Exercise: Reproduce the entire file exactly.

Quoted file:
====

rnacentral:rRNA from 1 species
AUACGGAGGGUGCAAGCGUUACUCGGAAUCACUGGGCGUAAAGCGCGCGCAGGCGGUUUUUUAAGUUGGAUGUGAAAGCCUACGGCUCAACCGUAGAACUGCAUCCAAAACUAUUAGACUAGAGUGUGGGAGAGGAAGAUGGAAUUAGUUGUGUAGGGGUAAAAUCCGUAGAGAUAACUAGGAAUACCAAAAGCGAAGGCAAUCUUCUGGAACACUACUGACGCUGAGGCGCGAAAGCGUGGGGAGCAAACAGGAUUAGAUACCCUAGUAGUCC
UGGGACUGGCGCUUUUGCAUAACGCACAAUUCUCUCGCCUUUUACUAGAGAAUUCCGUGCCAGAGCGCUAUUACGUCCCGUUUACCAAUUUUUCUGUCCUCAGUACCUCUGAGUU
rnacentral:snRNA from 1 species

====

rnacentral:rRNA from 1 species
AUACGGAGGGUGCAAGCGUUACUCGGAAUCACUGGGCGUAAAGCGCGCGCAGGCGGUUUUUUAAGUUGGAUGUGAAAGCCUACGGCUCAACCGUAGAACUGCAUCCAAAACUAUUAGACUAGAGUGUGGGAGAGGAAGAUGGAAUUAGUUGUGUAGGGGUAAAAUCCGUAGAGAUAACUAGGAAUACCAAAAGCGAAGGCAAUCUUCUGGAACACUACUGACGCUGAGGCGCGAAAGCGUGGGGAGCAAACAGGAUUAGAUACCCUAGUAGUCC
UGGGACUGGCGCUUUUGCAUAACGCACAAUUCUCUCGCCUUUUACUAGAGAAUUCCGUGCCAGAGCGCUAUUACGUCCCGUUUACCAAUUUUUCUGUCCUCAGUACCUCUGAGUU
rnacentral:snRNA from 1 species